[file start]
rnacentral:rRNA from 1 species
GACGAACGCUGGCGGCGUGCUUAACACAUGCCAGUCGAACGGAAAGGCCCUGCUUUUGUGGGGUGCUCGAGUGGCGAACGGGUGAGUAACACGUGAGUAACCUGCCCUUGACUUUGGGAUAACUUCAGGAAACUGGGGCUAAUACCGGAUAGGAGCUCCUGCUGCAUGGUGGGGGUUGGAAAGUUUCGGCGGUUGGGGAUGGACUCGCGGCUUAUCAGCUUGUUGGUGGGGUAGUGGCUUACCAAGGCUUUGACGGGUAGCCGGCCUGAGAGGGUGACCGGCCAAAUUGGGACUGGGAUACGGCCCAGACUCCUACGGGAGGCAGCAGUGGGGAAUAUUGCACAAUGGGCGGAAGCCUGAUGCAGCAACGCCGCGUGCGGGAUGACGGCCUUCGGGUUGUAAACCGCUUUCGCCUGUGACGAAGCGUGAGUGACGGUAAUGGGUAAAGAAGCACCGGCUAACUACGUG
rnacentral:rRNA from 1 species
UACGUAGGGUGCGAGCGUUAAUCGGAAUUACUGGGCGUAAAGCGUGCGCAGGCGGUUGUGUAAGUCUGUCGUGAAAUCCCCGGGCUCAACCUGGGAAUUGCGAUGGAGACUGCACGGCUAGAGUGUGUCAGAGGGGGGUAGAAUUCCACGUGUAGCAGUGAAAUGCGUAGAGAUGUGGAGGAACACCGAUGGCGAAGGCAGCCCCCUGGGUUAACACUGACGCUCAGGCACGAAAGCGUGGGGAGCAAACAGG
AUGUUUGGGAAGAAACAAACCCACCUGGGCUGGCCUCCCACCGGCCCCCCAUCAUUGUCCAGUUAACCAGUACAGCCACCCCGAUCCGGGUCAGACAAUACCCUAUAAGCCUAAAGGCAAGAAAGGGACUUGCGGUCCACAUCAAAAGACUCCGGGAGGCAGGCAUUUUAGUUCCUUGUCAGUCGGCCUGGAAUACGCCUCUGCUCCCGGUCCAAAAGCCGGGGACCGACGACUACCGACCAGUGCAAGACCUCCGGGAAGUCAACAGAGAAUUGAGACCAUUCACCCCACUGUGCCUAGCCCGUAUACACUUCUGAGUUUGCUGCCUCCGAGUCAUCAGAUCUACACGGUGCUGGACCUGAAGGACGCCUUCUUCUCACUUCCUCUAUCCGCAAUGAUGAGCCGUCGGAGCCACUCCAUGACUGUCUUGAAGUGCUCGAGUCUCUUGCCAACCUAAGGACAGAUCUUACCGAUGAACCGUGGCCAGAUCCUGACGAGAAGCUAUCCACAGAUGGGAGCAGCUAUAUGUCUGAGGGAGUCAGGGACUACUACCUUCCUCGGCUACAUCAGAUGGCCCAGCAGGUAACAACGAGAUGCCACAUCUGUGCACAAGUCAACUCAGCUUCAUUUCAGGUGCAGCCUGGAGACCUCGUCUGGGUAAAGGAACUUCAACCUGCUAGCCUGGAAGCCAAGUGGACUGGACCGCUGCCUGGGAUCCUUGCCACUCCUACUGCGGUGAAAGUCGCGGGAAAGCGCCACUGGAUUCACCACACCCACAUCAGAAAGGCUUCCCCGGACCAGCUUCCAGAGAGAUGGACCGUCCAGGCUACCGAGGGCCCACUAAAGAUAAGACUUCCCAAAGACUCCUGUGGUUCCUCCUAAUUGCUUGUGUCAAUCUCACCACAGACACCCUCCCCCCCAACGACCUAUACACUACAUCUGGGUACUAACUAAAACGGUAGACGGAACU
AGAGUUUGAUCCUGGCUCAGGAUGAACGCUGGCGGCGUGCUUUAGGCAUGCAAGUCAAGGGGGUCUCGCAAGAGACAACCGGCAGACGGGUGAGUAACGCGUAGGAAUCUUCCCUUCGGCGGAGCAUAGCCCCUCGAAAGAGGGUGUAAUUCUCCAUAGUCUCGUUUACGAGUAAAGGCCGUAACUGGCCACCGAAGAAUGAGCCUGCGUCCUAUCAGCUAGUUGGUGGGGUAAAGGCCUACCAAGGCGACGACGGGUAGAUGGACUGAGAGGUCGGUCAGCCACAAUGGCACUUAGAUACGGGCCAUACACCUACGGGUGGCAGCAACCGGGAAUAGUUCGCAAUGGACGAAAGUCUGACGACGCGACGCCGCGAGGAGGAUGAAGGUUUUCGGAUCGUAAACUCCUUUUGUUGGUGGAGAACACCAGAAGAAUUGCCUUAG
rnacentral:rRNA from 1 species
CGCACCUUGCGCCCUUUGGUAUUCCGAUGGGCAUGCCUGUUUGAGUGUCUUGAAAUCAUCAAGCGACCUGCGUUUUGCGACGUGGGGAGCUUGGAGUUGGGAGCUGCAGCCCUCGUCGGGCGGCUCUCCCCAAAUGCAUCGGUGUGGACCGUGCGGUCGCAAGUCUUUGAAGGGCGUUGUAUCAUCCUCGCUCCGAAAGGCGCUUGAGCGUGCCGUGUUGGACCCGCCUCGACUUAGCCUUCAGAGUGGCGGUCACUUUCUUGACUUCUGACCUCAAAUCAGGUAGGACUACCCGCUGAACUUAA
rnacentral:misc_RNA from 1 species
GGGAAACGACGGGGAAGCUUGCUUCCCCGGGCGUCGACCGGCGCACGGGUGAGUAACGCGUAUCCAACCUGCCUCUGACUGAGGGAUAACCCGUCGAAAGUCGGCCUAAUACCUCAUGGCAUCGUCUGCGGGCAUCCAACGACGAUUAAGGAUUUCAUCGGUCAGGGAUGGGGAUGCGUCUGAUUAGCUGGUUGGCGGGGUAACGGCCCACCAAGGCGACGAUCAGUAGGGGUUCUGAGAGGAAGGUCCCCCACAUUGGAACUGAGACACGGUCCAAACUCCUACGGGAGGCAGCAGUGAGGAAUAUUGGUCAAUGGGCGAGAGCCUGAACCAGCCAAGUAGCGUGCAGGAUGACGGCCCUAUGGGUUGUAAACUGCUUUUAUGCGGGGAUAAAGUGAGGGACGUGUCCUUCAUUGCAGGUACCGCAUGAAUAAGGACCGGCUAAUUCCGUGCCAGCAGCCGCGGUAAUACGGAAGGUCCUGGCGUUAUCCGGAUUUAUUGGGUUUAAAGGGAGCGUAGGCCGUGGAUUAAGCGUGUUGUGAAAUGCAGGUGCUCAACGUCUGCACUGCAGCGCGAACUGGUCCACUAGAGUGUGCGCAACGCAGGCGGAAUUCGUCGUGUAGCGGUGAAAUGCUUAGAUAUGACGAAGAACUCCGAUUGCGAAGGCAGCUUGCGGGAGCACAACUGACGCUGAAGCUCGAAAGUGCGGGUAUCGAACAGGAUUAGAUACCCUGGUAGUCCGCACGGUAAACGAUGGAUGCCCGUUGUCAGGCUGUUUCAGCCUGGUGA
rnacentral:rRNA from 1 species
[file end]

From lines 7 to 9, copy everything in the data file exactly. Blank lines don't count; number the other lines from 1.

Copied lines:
rnacentral:rRNA from 1 species
CGCACCUUGCGCCCUUUGGUAUUCCGAUGGGCAUGCCUGUUUGAGUGUCUUGAAAUCAUCAAGCGACCUGCGUUUUGCGACGUGGGGAGCUUGGAGUUGGGAGCUGCAGCCCUCGUCGGGCGGCUCUCCCCAAAUGCAUCGGUGUGGACCGUGCGGUCGCAAGUCUUUGAAGGGCGUUGUAUCAUCCUCGCUCCGAAAGGCGCUUGAGCGUGCCGUGUUGGACCCGCCUCGACUUAGCCUUCAGAGUGGCGGUCACUUUCUUGACUUCUGACCUCAAAUCAGGUAGGACUACCCGCUGAACUUAA
rnacentral:misc_RNA from 1 species